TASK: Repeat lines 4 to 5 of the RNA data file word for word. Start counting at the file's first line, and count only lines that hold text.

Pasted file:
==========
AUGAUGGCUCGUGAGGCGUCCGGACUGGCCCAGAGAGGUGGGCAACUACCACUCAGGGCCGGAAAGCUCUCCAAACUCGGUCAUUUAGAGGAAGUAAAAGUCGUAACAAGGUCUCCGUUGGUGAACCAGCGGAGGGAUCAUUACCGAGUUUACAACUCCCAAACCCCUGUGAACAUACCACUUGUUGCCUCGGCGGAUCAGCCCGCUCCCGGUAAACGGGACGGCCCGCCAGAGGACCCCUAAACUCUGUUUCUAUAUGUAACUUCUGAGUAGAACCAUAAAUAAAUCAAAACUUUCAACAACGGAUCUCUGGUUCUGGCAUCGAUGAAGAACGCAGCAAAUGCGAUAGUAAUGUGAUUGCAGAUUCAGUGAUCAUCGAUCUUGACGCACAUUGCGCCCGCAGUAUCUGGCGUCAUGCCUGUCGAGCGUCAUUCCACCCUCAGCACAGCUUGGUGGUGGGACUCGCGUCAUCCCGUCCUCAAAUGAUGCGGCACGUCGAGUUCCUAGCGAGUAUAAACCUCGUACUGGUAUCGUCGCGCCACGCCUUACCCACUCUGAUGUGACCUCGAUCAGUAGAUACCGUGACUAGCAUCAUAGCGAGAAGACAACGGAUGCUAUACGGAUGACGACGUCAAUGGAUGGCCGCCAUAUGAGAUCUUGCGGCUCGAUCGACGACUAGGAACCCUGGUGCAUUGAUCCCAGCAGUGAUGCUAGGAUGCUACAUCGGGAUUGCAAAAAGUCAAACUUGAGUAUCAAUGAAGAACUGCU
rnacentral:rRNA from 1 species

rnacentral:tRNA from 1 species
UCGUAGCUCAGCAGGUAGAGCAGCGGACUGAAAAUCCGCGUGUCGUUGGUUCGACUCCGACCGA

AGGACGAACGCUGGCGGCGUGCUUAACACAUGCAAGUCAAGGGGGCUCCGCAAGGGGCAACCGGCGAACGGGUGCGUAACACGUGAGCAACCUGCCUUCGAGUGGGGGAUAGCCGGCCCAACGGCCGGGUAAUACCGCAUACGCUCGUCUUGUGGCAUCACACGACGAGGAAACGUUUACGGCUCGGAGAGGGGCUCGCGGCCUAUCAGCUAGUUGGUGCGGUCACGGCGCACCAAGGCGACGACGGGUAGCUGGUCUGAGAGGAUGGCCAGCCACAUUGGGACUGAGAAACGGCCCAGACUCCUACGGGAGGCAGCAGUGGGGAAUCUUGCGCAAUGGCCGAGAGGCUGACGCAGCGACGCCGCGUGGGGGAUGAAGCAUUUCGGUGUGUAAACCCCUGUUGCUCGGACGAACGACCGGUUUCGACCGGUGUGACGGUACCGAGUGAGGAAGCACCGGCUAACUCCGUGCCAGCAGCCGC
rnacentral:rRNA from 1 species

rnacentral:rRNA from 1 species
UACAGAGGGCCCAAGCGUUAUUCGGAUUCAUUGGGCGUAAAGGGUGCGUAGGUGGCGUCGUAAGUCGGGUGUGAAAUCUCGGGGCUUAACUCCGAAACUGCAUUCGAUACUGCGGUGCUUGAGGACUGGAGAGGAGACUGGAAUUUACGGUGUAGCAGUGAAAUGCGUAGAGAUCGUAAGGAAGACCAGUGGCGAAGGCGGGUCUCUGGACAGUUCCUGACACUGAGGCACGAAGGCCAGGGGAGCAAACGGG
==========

UCGUAGCUCAGCAGGUAGAGCAGCGGACUGAAAAUCCGCGUGUCGUUGGUUCGACUCCGACCGA

AGGACGAACGCUGGCGGCGUGCUUAACACAUGCAAGUCAAGGGGGCUCCGCAAGGGGCAACCGGCGAACGGGUGCGUAACACGUGAGCAACCUGCCUUCGAGUGGGGGAUAGCCGGCCCAACGGCCGGGUAAUACCGCAUACGCUCGUCUUGUGGCAUCACACGACGAGGAAACGUUUACGGCUCGGAGAGGGGCUCGCGGCCUAUCAGCUAGUUGGUGCGGUCACGGCGCACCAAGGCGACGACGGGUAGCUGGUCUGAGAGGAUGGCCAGCCACAUUGGGACUGAGAAACGGCCCAGACUCCUACGGGAGGCAGCAGUGGGGAAUCUUGCGCAAUGGCCGAGAGGCUGACGCAGCGACGCCGCGUGGGGGAUGAAGCAUUUCGGUGUGUAAACCCCUGUUGCUCGGACGAACGACCGGUUUCGACCGGUGUGACGGUACCGAGUGAGGAAGCACCGGCUAACUCCGUGCCAGCAGCCGC